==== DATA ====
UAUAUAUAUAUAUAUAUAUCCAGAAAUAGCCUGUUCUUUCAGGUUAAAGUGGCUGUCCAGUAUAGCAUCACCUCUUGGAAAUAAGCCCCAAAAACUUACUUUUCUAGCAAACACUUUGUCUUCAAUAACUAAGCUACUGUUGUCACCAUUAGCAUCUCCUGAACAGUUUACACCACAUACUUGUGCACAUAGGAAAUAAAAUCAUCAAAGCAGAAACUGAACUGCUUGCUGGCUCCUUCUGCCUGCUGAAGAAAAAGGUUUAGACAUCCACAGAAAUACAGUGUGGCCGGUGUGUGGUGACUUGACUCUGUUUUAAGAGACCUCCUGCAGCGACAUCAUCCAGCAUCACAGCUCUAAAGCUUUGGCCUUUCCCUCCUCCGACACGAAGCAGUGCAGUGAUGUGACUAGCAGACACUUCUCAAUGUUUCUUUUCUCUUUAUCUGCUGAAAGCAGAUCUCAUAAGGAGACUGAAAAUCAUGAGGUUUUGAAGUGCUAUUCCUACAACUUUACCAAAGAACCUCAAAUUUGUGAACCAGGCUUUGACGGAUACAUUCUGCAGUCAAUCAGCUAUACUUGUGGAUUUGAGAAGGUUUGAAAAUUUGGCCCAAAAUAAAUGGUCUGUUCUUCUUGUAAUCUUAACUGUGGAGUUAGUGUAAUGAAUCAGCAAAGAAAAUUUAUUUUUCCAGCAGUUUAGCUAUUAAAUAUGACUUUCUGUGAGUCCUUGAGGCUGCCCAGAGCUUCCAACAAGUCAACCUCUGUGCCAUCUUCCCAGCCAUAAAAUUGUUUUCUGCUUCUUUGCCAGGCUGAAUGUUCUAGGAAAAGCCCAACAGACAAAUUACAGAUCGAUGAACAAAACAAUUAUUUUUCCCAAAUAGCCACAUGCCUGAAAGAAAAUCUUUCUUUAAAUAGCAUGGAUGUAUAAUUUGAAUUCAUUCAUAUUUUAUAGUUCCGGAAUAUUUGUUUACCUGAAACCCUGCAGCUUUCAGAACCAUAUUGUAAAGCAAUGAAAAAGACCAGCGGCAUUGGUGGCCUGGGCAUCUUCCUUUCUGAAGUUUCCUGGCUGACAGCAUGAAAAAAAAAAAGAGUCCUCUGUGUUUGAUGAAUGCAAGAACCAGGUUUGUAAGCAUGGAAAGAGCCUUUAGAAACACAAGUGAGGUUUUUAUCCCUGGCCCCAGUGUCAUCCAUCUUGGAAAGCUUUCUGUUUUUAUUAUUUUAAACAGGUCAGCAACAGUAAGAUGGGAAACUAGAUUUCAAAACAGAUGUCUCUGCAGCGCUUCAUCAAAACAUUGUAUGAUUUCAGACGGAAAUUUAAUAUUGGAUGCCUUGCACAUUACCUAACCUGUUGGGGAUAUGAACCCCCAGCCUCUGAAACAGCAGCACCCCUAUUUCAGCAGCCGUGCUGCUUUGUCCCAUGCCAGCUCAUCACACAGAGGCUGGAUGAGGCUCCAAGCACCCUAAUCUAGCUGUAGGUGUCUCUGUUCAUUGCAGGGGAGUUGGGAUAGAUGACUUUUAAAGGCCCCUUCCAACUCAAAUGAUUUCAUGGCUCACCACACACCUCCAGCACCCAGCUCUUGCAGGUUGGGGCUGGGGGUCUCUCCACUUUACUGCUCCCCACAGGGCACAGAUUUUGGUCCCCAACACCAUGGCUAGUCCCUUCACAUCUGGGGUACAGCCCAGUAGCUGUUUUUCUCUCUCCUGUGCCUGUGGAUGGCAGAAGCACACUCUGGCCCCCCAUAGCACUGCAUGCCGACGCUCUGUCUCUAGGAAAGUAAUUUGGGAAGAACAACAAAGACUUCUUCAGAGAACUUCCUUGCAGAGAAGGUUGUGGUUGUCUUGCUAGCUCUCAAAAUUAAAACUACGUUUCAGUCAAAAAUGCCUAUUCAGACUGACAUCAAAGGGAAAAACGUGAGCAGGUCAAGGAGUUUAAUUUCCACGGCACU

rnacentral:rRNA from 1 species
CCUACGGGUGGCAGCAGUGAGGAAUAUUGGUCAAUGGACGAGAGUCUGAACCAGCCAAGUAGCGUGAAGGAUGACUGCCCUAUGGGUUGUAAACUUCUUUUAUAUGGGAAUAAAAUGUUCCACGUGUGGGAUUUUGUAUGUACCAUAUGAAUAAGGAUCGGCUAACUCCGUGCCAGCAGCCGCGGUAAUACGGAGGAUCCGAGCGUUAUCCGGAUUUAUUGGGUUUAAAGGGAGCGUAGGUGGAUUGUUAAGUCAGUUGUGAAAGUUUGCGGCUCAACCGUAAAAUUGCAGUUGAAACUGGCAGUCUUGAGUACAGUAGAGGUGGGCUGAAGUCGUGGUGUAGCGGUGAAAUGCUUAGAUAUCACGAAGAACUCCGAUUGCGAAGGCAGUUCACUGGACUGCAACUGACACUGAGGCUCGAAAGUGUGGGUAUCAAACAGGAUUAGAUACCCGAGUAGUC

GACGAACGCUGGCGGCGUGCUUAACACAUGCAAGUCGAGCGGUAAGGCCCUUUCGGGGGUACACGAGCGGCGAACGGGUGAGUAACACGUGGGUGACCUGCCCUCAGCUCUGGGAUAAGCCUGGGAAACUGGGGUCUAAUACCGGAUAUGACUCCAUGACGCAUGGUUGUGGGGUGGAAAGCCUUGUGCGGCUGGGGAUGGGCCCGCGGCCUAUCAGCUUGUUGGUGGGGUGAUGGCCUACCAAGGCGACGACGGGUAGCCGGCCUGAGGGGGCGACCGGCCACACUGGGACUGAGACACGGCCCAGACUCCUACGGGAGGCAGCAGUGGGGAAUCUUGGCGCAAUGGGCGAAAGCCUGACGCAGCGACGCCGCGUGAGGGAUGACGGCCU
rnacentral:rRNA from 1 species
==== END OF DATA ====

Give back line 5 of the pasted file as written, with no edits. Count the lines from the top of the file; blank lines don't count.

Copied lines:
rnacentral:rRNA from 1 species